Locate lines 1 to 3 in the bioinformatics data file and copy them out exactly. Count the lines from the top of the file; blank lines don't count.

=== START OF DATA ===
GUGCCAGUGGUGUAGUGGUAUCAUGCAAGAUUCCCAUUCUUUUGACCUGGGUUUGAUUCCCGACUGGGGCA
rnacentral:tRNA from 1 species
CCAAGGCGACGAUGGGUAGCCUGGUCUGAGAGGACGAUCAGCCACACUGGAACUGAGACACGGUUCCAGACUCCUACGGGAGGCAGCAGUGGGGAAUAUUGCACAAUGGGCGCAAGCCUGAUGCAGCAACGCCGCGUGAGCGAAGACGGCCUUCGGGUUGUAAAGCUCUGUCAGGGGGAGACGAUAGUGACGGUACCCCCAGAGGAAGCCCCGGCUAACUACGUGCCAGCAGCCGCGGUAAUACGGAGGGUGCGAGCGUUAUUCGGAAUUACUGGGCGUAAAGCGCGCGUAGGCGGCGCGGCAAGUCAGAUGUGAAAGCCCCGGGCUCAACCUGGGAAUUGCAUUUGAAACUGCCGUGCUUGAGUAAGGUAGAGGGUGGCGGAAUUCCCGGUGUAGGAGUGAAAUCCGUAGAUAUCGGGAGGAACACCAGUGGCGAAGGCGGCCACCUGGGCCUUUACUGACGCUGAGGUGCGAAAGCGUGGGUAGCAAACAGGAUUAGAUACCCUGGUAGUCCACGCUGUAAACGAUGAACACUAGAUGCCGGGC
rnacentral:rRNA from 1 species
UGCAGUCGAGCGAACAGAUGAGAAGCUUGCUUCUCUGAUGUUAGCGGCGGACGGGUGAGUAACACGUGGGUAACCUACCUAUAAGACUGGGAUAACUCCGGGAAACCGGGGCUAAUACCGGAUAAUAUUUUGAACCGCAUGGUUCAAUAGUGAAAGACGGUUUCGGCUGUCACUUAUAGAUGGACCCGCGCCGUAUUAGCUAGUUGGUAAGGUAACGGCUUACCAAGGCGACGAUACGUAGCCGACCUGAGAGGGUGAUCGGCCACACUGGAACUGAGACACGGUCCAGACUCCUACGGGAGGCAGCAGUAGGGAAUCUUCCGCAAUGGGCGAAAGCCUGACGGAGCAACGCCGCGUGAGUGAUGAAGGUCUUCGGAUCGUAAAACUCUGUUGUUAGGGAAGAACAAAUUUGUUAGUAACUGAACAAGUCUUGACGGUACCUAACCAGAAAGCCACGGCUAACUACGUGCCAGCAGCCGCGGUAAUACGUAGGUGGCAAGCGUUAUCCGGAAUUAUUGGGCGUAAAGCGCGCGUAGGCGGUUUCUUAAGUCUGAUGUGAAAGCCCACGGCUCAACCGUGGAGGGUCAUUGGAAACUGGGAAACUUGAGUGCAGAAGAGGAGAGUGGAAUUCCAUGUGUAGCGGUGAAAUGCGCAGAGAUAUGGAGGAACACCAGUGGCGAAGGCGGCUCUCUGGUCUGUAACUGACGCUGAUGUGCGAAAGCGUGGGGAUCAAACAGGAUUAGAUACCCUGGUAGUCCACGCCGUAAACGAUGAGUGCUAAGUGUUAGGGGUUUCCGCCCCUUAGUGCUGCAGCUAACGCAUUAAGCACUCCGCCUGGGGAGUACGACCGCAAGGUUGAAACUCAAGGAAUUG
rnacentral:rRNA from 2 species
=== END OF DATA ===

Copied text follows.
GUGCCAGUGGUGUAGUGGUAUCAUGCAAGAUUCCCAUUCUUUUGACCUGGGUUUGAUUCCCGACUGGGGCA
rnacentral:tRNA from 1 species
CCAAGGCGACGAUGGGUAGCCUGGUCUGAGAGGACGAUCAGCCACACUGGAACUGAGACACGGUUCCAGACUCCUACGGGAGGCAGCAGUGGGGAAUAUUGCACAAUGGGCGCAAGCCUGAUGCAGCAACGCCGCGUGAGCGAAGACGGCCUUCGGGUUGUAAAGCUCUGUCAGGGGGAGACGAUAGUGACGGUACCCCCAGAGGAAGCCCCGGCUAACUACGUGCCAGCAGCCGCGGUAAUACGGAGGGUGCGAGCGUUAUUCGGAAUUACUGGGCGUAAAGCGCGCGUAGGCGGCGCGGCAAGUCAGAUGUGAAAGCCCCGGGCUCAACCUGGGAAUUGCAUUUGAAACUGCCGUGCUUGAGUAAGGUAGAGGGUGGCGGAAUUCCCGGUGUAGGAGUGAAAUCCGUAGAUAUCGGGAGGAACACCAGUGGCGAAGGCGGCCACCUGGGCCUUUACUGACGCUGAGGUGCGAAAGCGUGGGUAGCAAACAGGAUUAGAUACCCUGGUAGUCCACGCUGUAAACGAUGAACACUAGAUGCCGGGC